"A school board needs to hold itself to a high standard of professionalism so that everyone involved in the conversation about our kids and our schools can be held to the same standard."
A community report focusing on various issues affecting the Lafayette Parish School System was released Thursday following a month-long series of round table discussions.
The participating organizations included the 100 Black Men of Greater Lafayette, the705, Community Foundation of Acadiana, Concerned Citizens for Good Government, Greater Lafayette Chamber of Commerce, Greater Southwest Louisiana Black Chamber of Commerce, State of Greater Black Lafayette, United Way of Acadiana and the Upper Lafayette Economic Development Foundation.
The discussions involved more than 100 representatives from the involved organizations and focused on such issues as school system governance, Common Core State Standards, charter schools, and the "100% In. 100% Out." plan.
According to Thursday's report, which included opinions from various participants - the quotes weren't attributed to any one person but represented the overall opinions expressed during the discussions - one of the major concerns involved professionalism among school board members: "A school board needs to hold itself to a high standard of professionalism so that everyone involved in the conversation about our kids and our schools can be held to the same standard. They've got to be creative, receptive facilitators who receive concerns and even criticism with a spirit of cooperation and collaboration."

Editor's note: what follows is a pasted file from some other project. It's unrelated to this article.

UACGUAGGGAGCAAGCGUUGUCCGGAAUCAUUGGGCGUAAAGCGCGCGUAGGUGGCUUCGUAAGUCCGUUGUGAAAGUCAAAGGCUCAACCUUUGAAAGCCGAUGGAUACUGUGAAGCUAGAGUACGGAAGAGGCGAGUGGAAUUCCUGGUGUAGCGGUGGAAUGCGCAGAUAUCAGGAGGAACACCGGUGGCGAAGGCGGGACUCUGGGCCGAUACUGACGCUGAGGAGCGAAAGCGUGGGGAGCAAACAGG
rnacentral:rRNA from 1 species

Another big topic involved Superintendent Pat Cooper's plan to ensure a 100 percent graduation rate, which means increased access for students to health care professionals. One respondent, according to Thursday's press release, begged the question: "How is a kid who is sick or hungry supposed to learn?"
A presentation will be delivered in two weeks detailing a "common vision" developed during the discussions. The event will begin at 5:30 p.m. on Wednesday, May 28, at Acadiana Center for the Arts.
Click here to view a full copy of the report released Thursday.